I received a telephone call recently from a man who was angry and upset. All he could say was, but I’m not dying, I’m not dying! I was finally able to calm him down enough to be able to get him to tell me his story.
It seems that his doctor told him that it was time to move on to palliative medicine. His immediate response was to protest, he told me that “I’m not ready to give up.”
I explained that this was probably a problem of communication between him and his doctor. He thought that palliative care meant that the doctor was recommending hospice care. What many of us need to know is that hospice care is only a small part of palliative care. According to the National Cancer Institute (NCI), palliative care is given to improve the quality of life in people with serious and life-threatening illnesses. Palliative care is specifically designed to prevent or treat, along with curative treatments, the many symptoms from the disease and its treatments. Palliative care does not mean hospice care.
Many of the best doctors believe that palliative care should start from the first day after diagnosis of a serious illness. Whether the disease course is one month or ten years, palliative care should be a major component of the care program. Dr. Diane Meier, Director of the Center to Advance Palliative Care at the Mt. Sinai School of Medicine in New York has said, “The goal is to lighten the burden and make additional years worth living. It’s part of the healing, recovery and life sustaining process.” (C3 Momentum – Volume 5, Issue 3, Summer 2010)
She added that good palliative care actually affects how a person tolerates the other therapies they receive. Palliative care heals the body and the soul and allows a person to move on with a productive and quality life.
Let us not forget that dealing with a life threatening illness like advanced prostate cancer, will also cause stress on a man’s family, especially on the spouse, his partner and his children. The entire family is impacted, often turning the family upside down. Interpersonal relationships and financial problems often develop, making life hard for both the man and his family.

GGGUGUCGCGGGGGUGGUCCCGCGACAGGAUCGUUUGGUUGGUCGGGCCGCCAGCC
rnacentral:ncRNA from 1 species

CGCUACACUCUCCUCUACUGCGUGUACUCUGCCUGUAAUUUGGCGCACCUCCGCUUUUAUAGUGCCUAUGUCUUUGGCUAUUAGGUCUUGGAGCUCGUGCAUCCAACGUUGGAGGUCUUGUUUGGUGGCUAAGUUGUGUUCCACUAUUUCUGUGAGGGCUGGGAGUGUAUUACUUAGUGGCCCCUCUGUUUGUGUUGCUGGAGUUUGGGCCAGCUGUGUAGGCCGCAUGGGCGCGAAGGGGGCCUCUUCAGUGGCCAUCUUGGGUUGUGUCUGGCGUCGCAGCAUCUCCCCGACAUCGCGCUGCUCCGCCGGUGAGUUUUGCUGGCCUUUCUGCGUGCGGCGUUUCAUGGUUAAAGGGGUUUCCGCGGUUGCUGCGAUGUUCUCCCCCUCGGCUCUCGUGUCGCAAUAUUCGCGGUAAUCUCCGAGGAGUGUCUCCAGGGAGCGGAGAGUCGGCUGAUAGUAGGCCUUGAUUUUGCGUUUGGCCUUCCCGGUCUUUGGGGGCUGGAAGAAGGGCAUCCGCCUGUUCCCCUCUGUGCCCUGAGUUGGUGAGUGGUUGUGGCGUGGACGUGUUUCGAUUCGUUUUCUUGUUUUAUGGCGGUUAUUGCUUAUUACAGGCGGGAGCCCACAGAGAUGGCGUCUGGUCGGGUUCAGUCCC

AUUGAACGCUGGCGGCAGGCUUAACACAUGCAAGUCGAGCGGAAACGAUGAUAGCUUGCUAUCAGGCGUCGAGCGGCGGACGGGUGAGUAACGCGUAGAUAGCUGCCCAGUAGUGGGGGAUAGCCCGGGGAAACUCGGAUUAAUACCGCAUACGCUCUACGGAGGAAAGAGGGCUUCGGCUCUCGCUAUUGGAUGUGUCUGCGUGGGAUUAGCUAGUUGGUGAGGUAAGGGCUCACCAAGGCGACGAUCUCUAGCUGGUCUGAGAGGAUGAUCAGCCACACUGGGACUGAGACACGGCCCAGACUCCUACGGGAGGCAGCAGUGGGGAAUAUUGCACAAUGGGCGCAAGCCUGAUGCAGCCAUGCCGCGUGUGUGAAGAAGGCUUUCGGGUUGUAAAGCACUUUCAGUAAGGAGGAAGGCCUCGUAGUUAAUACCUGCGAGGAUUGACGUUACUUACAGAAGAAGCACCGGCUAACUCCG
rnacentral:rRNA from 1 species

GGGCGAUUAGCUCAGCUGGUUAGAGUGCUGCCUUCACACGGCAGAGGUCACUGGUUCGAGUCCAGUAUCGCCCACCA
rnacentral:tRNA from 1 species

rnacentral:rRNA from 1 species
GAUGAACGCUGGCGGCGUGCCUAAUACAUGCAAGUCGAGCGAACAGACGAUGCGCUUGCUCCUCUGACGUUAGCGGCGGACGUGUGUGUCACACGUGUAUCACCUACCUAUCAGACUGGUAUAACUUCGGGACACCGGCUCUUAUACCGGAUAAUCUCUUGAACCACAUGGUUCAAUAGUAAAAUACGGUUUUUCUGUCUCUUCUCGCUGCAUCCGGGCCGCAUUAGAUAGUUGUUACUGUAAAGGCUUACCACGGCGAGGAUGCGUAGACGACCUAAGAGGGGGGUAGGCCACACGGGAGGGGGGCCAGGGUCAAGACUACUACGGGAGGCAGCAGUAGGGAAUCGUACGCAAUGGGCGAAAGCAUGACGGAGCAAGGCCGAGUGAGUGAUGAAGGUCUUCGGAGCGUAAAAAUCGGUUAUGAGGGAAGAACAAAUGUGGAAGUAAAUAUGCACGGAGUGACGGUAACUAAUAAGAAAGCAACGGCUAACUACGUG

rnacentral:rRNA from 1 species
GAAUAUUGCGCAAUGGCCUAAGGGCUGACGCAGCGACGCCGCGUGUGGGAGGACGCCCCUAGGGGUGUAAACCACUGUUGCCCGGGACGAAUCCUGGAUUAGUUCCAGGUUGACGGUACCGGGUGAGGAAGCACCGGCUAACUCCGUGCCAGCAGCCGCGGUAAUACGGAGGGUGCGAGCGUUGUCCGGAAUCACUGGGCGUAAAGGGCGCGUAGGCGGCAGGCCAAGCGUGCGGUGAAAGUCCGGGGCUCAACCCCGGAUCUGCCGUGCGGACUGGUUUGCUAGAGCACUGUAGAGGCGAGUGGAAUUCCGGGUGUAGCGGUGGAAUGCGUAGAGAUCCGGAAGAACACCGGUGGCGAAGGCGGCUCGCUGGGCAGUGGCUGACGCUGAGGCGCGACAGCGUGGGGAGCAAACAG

Good palliative care involves an interdisciplinary team. The team should include the medical doctors, their staff, a mental health worker ( social worker, psychologist or a psychiatrist), a clergy member, a nutritionist and a rehabilitative specialist. This team should work together to improve a patient’s life.
A good palliative care team will help a patient and their family better understand their disease, the options that are available to them and what side effects might accompany a treatment. All these will add up to an informed and empowered patient who can take control of their treatment and, more importantly, their life.
When the time does come, this team can help the patient and their family makes the decision to move to hospice care. This decision is often less traumatic when the patient has had the prior support of a good palliative care team.
Resources on palliative care:
Joel T. Nowak, MA, MSW
I think the problem goes further than communication between patient and doctor; the problem is that the word “palliative” has had its meaning hijacked. It first meaning was “soothing, pain-easing”. It then shifted a little to “symptom-reducing”. Both links you cited as resources echo that definition (“Palliative care is comfort care”; Palliative care relieves symptoms”).
This is, unfortunately, now misleading or even mistaken. Such websites should start warning patients that the word is now very commonly used by doctors and (especially) insurance companies to mean something quite different — something along the lines of “with noncurative intent”.
For example, leuprolide/Lupron is classified as a palliative. Nonsense! When I started on Lupron, I was complaint-free; I had no discomfort to ease and no symptoms to relieve. (Once I was on it, I had *plenty* of symptoms; but that’s a different topic.)
This type of word-hijacking, and this patient’s story generally, are emblematic of a now-endemic problem in American medicine: The treatment of diseases and conditions instead of patients.
The goal of most medicine has now become “To rid a body of illness and diminish the likelihood of future illness; failing that, to prolong the body’s functions and remedy/ameliorate its dysfunctions.” This can mismatch and even work against the medical goal people actually want: “To promote health and prolong life at the highest quality possible.”
At a more basic level, if the doctor in this story had started his conversation by helping the patient articulate the goal they were working towards, his ill-chosen use of the word “palliative” would have become a non-issue.
Thanks Joel & Paul C., your comments and explanation are most helpful.
For the past year I have been tearing off the calendar pages on the countdown to extinction, what with mets and all.
Suddenly, with the last series of scans, etc. even with a rising PSA, my mets had not increased, and there were no new areas for concern.
I’ve a better understanding, that the pallative care and fates have worked, at least for a bit.
I feel great now, at least until Sept and my next scans.